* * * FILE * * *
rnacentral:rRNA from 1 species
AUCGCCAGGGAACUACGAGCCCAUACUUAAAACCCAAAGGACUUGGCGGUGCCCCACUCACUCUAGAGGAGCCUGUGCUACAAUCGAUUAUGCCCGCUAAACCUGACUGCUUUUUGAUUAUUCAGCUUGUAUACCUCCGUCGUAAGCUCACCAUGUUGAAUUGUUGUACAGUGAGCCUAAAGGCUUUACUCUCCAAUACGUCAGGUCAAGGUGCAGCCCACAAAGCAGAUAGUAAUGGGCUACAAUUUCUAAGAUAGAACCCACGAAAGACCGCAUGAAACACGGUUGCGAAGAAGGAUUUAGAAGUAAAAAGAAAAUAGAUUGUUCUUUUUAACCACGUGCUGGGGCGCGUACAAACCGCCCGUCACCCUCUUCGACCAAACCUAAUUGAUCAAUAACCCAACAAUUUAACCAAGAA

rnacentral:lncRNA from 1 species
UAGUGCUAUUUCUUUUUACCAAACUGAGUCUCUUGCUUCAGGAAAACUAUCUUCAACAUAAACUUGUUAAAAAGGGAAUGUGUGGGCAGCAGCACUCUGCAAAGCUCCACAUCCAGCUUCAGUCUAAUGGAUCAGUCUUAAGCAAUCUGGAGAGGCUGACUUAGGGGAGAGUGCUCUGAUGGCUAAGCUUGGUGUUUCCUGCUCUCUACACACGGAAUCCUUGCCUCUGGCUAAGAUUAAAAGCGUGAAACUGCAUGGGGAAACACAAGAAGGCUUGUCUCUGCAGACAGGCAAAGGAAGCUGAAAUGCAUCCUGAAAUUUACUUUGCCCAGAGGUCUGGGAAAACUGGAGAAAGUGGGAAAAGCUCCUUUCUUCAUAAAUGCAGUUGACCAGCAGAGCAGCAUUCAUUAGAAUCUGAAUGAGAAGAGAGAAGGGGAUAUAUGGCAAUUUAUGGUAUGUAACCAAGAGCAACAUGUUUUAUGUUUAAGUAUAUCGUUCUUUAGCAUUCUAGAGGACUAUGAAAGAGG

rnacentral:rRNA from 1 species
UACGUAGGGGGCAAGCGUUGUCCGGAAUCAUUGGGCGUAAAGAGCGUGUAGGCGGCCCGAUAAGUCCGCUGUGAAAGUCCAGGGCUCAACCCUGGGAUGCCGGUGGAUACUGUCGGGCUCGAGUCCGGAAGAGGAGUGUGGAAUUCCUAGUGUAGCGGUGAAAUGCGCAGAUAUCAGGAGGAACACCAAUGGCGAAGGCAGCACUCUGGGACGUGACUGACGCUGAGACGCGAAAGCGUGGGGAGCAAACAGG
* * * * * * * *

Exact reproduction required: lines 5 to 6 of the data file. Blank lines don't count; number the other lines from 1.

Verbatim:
rnacentral:rRNA from 1 species
UACGUAGGGGGCAAGCGUUGUCCGGAAUCAUUGGGCGUAAAGAGCGUGUAGGCGGCCCGAUAAGUCCGCUGUGAAAGUCCAGGGCUCAACCCUGGGAUGCCGGUGGAUACUGUCGGGCUCGAGUCCGGAAGAGGAGUGUGGAAUUCCUAGUGUAGCGGUGAAAUGCGCAGAUAUCAGGAGGAACACCAAUGGCGAAGGCAGCACUCUGGGACGUGACUGACGCUGAGACGCGAAAGCGUGGGGAGCAAACAGG